When Fiona Nelson has a bout of acid reflux, gets a pesky scrape or wants a bit of a beauty pick-me-up, she reaches for the same little jar of manuka honey. She and many others are convinced that it holds one of holistic medicine’s best-kept secrets—and that it won’t remain under the radar for long.
Little known domestically but highly touted abroad for its theriac qualities, manuka honey is an antimicrobial agent that’s potentially useful in treating a wide range of conditions, from digestive issues to arthritis to skin disorders. As the founder of the U.S. branch of the U.K.-based Wedderspoon Organic, Nelson became convinced of the honey’s healing powers while living in her native England. But she’s found that her pitch has been a little harder to make on our side of the pond.
“When we first started importing this product, we had to go around to all the stores in the area and explain what it was. No one had ever heard of it,” says Nelson. “In this country, people have been brain-washed into popping a pill when they’re sick, rather than using a natural remedy.”
Manuka honey is applied to wounds in U.K. hospitals—much like Neosporin or any other topical antibacterial. Domestically, Derma Sciences’ Medihoney bandages provide a similar treatment. Even so, few clinical trials have led to any conclusive evidence in regards to manuka honey’s effectiveness, and Nelson can’t make any FDA-approved health claims.
Nonetheless, hydrogen peroxide is a component of honey, and some types have other antibacterial qualities. Manuka honey has methylglyoxal, derived from the conversion of dihydroxyacetone, found in the nectar of flowers. The higher the concentration of methylglyoxal, the stronger the antibiotic effect. Studies also show that the flavonoids in manuka demonstrate various anti-inflammatory, antimicrobial and anticancer properties in vitro. The honey also has increased antioxidant activity in animal studies.
“We have many medical doctors suggesting to patients that they can use this product for homeopathic purposes, especially plastic surgeons,” says Nelson.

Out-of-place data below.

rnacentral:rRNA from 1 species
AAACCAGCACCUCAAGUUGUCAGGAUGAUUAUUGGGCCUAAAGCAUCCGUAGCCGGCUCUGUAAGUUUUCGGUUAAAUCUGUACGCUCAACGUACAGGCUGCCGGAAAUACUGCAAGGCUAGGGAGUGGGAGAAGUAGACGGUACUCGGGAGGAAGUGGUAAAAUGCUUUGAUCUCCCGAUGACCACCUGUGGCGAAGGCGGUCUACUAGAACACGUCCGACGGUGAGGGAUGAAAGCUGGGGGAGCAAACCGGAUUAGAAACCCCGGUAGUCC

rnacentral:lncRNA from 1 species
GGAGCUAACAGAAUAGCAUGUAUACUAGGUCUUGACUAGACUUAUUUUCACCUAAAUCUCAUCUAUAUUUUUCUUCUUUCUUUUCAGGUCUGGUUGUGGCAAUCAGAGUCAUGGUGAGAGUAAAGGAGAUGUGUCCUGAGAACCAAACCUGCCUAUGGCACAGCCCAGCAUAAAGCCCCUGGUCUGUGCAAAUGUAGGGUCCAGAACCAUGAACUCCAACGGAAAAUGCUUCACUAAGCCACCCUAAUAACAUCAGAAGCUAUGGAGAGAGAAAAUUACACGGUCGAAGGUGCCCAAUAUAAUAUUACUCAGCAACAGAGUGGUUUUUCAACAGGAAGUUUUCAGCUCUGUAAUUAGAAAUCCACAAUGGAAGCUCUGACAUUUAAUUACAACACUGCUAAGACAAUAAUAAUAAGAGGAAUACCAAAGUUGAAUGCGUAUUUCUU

Dr. Rebecca Witham uses manuka honey in her office and at home. “It has a high sugar content, which dehydrates the bacteria,” says Whitham, who’s the medical director at Paoli Hospital’s Wound Healing Center.
Certain antibiotic-resistant bacteria that can be treated with manuka honey, and Witham finds it effective in reducing wound edema and eliminating dead tissue. “If a dermatologist has to burn something off, the manuka honey softens and removes the tissue—and it will heal faster, too,” she says.
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Wedderspoon’s Canadian branch was founded in 2005 by Nelson’s friends in Vancouver, who were looking to explore an untapped market. A year later, Nelson agreed to help by selling a few jars in Malvern. The business exploded from there, becoming one of Amazon.com’s top 100 grocery purveyors in 2009. More recently, Wedderspoon earned awards from Vancouver’s Mid-Island Science, Technology & Innovation Council.
You can’t find manuka honey anywhere. New Zealand’s climate is optimal for the bush, and few other environments are effective incubators. Nelson and her friends tried their luck in Canada. Out of the 10,000 seeds planted, a mere two bushes survived.
These days, a 12-ounce jar of manuka honey sells for more than $30. But that’s hardly been a deterrent. Nelson says Wedderspoon’s sales have increased by 1,538 percent since 2007, and they surpassed $2.5 million in 2012. More than 260,000 jars of honey have been sold in the past six years, and that doesn’t include ancillary products like travel packets, throat lozenges and lip balms.
Then there’s the much-buzzed-about Queen of the Hive face contour mask with manuka honey and bee venom, which tricks the skin into thinking it’s been stung, prompting the release of collagen and elastin. Similar formulas have been used by Gwyneth Paltrow and Kate Middleton, who swear by the skin-tightening properties.
Anecdotal accounts of manuka honey’s anti-inflammatory benefits can be traced back to the late 19th century. “Beekeepers who had arthritis found that, after they were stung several times, their symptoms were alleviated,” Nelson says. “We found that adding bee venom to the honey enhanced its anti-inflammatory prop-erties. Rather than getting stung over and over again, people can now take this method orally.”
Interestingly, Nelson is allergic to bee stings. Yet, she’s able to ingest the honey and apply it to her skin without any adverse effects. Still, the labels recommend consulting with a doctor and doing a patch test to check for any reaction.
As word has spread locally about Wedderspoon, the demand has increased for the all-natural panacea, and the honey business in New Zealand has become increasingly aggressive.
“The competition is getting cutthroat,” Nelson admits. “More and more people want to get their hands on it. There’s a reason it’s called liquid gold.”
To learn more, visit wedderspoon.com.
See page 3 for “Bee Averages: The Numbers Behind the Sticky Stuff“
The numbers behind the sticky stuff.
Honey-producing colonies in Pennsylvania.
Average pounds of honey produced in each colony.
Average pounds of honey an American consumes annually.
Number of flowers a worker bee visits in one collection trip.
Average number of flowers visited to produce one pound of honey.
Average miles flown to those 2 million flowers.
Miles per hour that a honeybee flies.